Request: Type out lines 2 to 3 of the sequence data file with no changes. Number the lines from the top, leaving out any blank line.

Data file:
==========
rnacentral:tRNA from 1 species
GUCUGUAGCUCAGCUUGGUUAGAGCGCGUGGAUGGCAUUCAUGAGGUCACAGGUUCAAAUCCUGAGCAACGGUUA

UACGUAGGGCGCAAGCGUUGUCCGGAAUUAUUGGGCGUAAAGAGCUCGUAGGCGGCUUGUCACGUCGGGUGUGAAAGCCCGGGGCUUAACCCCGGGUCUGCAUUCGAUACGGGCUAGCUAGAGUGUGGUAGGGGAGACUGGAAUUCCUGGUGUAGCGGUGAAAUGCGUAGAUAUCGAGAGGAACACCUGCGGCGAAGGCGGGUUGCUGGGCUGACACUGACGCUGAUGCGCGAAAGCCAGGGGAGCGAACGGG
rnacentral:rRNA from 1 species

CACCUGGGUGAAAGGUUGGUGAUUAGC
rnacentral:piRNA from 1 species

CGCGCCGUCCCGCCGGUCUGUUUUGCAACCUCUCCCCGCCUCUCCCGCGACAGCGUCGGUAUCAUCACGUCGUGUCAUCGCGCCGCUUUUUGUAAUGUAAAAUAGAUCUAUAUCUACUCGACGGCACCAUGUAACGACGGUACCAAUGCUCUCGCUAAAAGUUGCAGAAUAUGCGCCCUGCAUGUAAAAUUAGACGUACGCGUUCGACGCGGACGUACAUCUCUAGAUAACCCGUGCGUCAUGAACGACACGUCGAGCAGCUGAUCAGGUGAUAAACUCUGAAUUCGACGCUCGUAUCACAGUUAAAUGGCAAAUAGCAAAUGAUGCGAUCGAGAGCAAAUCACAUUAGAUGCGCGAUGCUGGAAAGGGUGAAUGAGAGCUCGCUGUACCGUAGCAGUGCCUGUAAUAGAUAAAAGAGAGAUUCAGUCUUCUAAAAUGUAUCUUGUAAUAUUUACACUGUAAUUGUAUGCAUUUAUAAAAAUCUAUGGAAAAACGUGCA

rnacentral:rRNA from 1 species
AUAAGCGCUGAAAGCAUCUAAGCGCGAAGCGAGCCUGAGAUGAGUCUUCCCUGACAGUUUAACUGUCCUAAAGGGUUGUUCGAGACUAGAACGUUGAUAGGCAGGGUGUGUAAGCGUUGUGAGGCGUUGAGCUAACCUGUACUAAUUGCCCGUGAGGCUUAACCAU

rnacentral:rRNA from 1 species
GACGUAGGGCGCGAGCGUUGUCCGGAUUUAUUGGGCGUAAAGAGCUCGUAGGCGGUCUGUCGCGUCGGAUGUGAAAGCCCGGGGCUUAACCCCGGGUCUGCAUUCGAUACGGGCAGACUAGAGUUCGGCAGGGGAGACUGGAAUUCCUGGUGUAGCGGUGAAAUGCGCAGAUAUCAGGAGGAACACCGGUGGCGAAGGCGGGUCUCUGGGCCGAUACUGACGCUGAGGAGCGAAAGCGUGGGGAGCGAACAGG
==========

GUCUGUAGCUCAGCUUGGUUAGAGCGCGUGGAUGGCAUUCAUGAGGUCACAGGUUCAAAUCCUGAGCAACGGUUA

UACGUAGGGCGCAAGCGUUGUCCGGAAUUAUUGGGCGUAAAGAGCUCGUAGGCGGCUUGUCACGUCGGGUGUGAAAGCCCGGGGCUUAACCCCGGGUCUGCAUUCGAUACGGGCUAGCUAGAGUGUGGUAGGGGAGACUGGAAUUCCUGGUGUAGCGGUGAAAUGCGUAGAUAUCGAGAGGAACACCUGCGGCGAAGGCGGGUUGCUGGGCUGACACUGACGCUGAUGCGCGAAAGCCAGGGGAGCGAACGGG